Stories of our impact

Back to the lab

Teach First’s Russell Hobby on his journey to CEO

Russell Hobby is CEO of Teach First, a charity that is working to tackle inequality in education and to ensure no child’s success is limited by their background. A few weeks after taking up the role in September 2017, Russell took us up on our offer of a bespoke CEO Transition Lab to help him set his priorities and create a plan for his first 12 months in the job. Here, Russell talks about his passion for the work of Teach First, the challenges of being a CEO and how the Lab has helped his transition.

You’ve gone from the National Association of Head Teachers (NAHT) to being head of Teach First – what made you want to take the leap?

When I was General Secretary of the NAHT, I kept hearing the same concerns from Head Teachers and other school leaders. Funding was a recurring issue, recruiting and keeping talented staff was another, especially for those schools situated in some of the most disadvantaged areas of the UK.

Teach First acts at the heart of this challenge – getting great people who might not have thought to teach, into schools who might not get them. This is one of our most important levers for ensuring fair access to education, and I was really excited to have the chance to lead the very organisation that could tackle the concerns I’d heard during my seven years at the NAHT.

You became CEO at Teach First, one month later you took up the offer from Deloitte to participate in our CEO Transition Lab. What were your expectations?

I didn’t really know what to expect but the Lab came along at a good time for me. I’d been in role for a few weeks and I’d had the chance to have a lot of conversations with stakeholders and schools and I had many ideas and thoughts bubbling around.

The Lab was well-structured and having a whole day with several people focused solely on supporting me and talking about my issues felt quite indulgent! I had the freedom to explore ideas with people unaffected by my decisions, so I could really test things out. The Deloitte team were objective and gave me valuable input and constructive challenge to instil my ideas into a plan of action.

How useful was the Lab in helping you face the challenges of being a new CEO?

Before I even arrived at their offices, the Deloitte team had already spoken to eight of my stakeholders at Teach First, which meant they had a good understanding of my qualities but also the areas I needed to develop. For me, the best bit was being able to talk about time and talent.

I could share my thoughts on how to structure my senior team and discuss how to target my time to different areas of the role, from designing strategy to ensuring good governance to driving performance. Because I had the time and space to formulate my thoughts it made my ideas more coherent, and as a result I can move more quickly and decisively.

You make an interesting point about targeting your time. How has the Lab helped you here?

During the Lab, the team shared the framework of the five dimensions of the CEO: ambassador, strategist, driver, architect and guardian. Each CEO will operate across all these dimensions, but how much time is needed on each will depend on the company’s situation, the expectations of the board, as well as the CEO’s experience, style and skill set. Having that lens was helpful for me to strike the right balance in terms of where I should focus my time and efforts as the role progresses.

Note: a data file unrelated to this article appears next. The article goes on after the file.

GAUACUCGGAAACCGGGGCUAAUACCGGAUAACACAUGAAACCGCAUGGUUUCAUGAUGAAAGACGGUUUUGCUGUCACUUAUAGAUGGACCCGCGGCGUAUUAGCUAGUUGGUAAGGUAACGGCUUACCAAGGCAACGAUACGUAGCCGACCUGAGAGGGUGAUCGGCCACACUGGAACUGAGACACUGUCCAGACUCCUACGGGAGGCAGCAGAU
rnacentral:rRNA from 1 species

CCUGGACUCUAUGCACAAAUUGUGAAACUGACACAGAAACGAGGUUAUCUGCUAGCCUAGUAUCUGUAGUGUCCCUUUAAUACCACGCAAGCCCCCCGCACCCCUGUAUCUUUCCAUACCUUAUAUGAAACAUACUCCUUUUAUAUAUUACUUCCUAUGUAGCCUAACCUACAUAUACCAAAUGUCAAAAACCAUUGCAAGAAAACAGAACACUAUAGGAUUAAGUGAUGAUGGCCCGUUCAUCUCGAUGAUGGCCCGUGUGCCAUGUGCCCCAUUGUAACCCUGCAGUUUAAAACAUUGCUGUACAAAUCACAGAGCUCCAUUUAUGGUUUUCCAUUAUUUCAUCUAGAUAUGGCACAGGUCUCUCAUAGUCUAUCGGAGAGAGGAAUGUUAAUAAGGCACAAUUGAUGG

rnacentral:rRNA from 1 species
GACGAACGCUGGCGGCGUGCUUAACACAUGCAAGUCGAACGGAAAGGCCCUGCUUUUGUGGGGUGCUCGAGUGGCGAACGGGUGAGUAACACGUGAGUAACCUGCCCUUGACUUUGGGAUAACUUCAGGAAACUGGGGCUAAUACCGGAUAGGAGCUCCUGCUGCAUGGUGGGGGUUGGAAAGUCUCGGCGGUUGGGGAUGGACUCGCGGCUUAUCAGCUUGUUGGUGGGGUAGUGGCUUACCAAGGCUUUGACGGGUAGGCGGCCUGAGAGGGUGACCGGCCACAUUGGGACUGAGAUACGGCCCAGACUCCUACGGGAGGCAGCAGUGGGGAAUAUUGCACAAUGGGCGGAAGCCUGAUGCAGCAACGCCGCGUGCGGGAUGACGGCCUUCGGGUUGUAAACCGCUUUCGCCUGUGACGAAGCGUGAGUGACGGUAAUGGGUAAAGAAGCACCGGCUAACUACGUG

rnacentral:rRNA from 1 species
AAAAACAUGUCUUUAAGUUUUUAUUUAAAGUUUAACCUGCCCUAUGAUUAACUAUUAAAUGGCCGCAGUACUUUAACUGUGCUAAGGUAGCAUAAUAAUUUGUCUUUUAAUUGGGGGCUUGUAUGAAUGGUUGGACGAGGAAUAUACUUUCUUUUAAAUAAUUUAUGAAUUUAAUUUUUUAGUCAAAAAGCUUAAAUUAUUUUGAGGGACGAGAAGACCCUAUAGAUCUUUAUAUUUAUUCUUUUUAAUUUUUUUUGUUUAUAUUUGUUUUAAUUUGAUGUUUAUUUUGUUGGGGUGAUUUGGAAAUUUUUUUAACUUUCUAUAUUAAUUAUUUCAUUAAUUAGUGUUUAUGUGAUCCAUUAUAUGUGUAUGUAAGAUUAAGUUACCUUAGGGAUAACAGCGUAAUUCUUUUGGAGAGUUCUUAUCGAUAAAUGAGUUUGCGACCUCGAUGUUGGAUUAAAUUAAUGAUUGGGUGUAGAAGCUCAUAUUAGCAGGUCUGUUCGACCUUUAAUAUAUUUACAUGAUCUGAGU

After the session, the team gave me a report on everything we discussed and I still refer to it to make sure I’m not neglecting any critical areas. The team also arranged a follow up session a few months later to see how things were progressing, and I was pleased to see how much I’d started to put in place since the Lab!

Every new CEO faces their own challenges. What’s been the toughest aspect of transitioning to the role?

Moving into the CEO role from outside of an organisation presents inherent challenges. Not moving too fast or too slow is a balancing act – as CEO, you need to be able to stamp your mark and vision on the organisation, but at the same time give yourself the time and space to gather all the facts.

People want a sense of who you are, the type of leader you will be, and so you do need to be decisive but you have to recognise that you can’t (and shouldn’t) do everything at the same pace. I feel very fortunate to have had the opportunity of the Lab, the conversations and the interaction with the team to help me with the transition – it’s made a big difference.

Deloitte has been working with Teach First for over ten years, delivering an education programme designed to raise aspiration, support achievement and provide opportunities for students in low-income communities. The programme aims to improve social mobility and support a fairer society by helping young people from under-represented groups develop their ambition and skills whilst giving them the opportunities they need to access professional careers at companies like Deloitte. Our partnership with Teach First is part of One Million Futures, Deloitte’s ambition to support a million people by raising aspirations, improving skills and developing leaders.

More stories like this

From the classroom to the boardroom

Launching Northern Ireland’s first business internship

If she can see it, she can be it

Inspiring young girls to pursue a career in STEM

Share this story